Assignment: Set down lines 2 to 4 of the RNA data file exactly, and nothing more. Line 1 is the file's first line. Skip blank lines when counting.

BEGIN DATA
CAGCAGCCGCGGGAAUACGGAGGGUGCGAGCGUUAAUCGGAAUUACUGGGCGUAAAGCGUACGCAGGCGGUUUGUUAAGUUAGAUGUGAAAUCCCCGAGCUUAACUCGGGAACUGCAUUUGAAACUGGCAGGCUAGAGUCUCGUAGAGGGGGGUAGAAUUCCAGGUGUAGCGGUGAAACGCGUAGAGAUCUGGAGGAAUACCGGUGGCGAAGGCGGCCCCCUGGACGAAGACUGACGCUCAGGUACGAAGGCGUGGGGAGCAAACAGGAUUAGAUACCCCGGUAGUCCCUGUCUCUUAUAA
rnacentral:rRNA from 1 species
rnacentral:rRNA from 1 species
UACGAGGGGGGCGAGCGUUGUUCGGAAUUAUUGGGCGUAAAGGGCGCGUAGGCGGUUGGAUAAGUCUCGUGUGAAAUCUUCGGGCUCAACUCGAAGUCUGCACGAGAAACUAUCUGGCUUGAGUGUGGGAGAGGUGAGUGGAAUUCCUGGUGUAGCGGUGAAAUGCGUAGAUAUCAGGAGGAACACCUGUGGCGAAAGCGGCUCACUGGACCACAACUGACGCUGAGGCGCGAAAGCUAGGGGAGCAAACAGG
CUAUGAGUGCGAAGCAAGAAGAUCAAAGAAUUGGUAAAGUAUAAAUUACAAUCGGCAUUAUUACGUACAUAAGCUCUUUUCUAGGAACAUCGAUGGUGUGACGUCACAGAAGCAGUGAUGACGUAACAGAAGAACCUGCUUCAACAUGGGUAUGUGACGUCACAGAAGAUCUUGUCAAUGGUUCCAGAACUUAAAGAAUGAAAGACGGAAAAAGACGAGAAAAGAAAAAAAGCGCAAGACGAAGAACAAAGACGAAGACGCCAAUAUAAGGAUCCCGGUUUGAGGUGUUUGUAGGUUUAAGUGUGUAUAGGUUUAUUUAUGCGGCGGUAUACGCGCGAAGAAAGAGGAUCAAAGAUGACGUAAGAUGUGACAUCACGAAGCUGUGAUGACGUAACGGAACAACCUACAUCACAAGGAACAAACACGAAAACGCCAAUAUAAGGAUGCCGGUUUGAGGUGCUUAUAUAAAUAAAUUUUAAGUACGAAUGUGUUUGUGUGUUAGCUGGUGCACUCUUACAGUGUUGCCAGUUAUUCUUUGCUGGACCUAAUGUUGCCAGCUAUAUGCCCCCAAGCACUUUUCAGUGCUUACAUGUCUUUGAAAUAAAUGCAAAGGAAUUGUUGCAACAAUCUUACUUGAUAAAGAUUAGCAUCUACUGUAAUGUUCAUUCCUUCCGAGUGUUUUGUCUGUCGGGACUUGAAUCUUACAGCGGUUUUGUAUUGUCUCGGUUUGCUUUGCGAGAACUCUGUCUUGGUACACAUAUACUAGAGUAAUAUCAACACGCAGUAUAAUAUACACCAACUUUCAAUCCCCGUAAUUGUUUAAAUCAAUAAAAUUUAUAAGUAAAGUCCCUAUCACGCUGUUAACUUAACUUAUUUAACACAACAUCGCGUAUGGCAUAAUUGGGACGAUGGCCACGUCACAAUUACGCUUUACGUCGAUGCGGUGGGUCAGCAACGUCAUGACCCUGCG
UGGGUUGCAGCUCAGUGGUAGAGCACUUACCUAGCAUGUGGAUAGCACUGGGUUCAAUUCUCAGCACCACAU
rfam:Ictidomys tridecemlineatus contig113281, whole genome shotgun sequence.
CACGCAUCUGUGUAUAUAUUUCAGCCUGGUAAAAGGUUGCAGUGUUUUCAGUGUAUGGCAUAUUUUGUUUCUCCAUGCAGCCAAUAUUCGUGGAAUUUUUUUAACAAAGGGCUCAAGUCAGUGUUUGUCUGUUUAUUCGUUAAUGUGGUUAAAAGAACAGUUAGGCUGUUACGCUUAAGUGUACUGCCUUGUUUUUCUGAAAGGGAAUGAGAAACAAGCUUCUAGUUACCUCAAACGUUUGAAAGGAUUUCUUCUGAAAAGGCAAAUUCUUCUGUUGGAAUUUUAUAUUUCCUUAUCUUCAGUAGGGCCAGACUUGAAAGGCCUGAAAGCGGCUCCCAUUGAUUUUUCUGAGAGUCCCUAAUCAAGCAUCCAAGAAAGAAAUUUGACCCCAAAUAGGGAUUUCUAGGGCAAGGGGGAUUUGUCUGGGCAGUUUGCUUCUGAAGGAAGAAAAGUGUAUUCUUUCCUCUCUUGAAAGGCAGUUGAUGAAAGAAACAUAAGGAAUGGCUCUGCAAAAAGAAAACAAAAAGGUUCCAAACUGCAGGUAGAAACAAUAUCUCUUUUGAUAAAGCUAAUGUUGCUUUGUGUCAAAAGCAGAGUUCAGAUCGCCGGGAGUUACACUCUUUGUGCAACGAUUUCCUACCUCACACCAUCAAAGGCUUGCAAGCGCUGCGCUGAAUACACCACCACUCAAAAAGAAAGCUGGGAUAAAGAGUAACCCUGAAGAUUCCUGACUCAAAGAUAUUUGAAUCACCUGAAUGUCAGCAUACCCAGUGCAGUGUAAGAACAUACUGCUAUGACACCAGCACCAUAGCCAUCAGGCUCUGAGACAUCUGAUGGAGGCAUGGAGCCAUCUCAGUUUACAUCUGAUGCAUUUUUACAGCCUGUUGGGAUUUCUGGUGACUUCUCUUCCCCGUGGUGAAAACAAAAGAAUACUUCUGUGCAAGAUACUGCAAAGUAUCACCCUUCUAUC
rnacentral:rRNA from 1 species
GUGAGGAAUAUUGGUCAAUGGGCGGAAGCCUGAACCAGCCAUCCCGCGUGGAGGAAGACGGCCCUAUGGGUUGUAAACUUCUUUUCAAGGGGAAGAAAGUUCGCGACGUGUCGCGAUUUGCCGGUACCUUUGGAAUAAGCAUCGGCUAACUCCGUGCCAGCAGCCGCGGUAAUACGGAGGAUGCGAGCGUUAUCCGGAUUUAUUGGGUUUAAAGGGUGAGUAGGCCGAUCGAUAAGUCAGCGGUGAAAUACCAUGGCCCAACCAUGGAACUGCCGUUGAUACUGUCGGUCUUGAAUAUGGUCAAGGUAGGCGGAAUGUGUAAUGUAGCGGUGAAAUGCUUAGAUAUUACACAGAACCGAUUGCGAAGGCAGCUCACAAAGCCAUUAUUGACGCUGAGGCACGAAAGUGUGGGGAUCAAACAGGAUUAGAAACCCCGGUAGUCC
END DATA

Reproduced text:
rnacentral:rRNA from 1 species
rnacentral:rRNA from 1 species
UACGAGGGGGGCGAGCGUUGUUCGGAAUUAUUGGGCGUAAAGGGCGCGUAGGCGGUUGGAUAAGUCUCGUGUGAAAUCUUCGGGCUCAACUCGAAGUCUGCACGAGAAACUAUCUGGCUUGAGUGUGGGAGAGGUGAGUGGAAUUCCUGGUGUAGCGGUGAAAUGCGUAGAUAUCAGGAGGAACACCUGUGGCGAAAGCGGCUCACUGGACCACAACUGACGCUGAGGCGCGAAAGCUAGGGGAGCAAACAGG